There are no specific procedures for how long training should last, but there are guidelines for what should be included. The following topics should be covered as a minimum in HIPAA training for employees:

  • HIPAA: What is protected
  • Protection reasons
  • Information security

1. Education

Educating and training your staff about HIPAA policies and procedures is the first step to keeping your organization HIPAA compliant. Although this may seem like a redundant reminder, it is vital for avoiding HIPAA violations. Organize training sessions for your entire workforce, not just new hires.

It would help if you discussed the consequences and risks of a HIPAA violation with your employees. Preparation is key to preventing such a violation. A staff member might be familiar with some words, such as “unencrypted email,” but another might not. Keeping your organization compliant with HIPAA by providing clear and precise training is crucial to preventing a breach. Make sure you know what your employees are interested in learning. Some employees may benefit from digital training, while others may benefit from hands-on training. To capture your staff’s attention, you don’t want to overload them with information.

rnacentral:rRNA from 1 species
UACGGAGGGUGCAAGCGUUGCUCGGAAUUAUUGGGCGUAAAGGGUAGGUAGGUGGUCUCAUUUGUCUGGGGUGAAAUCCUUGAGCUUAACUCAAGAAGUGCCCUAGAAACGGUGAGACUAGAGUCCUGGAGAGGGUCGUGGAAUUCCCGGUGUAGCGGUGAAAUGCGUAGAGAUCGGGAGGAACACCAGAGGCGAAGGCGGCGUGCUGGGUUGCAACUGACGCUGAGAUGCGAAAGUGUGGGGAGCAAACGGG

2. Regular updates

HIPAA training once a year isn’t enough. Your responsibility is to keep your staff informed about any changes to HIPAA policies. Make sure your staff is up to date. Conduct annual testing. Keep them informed as much as possible; it can only benefit your organization.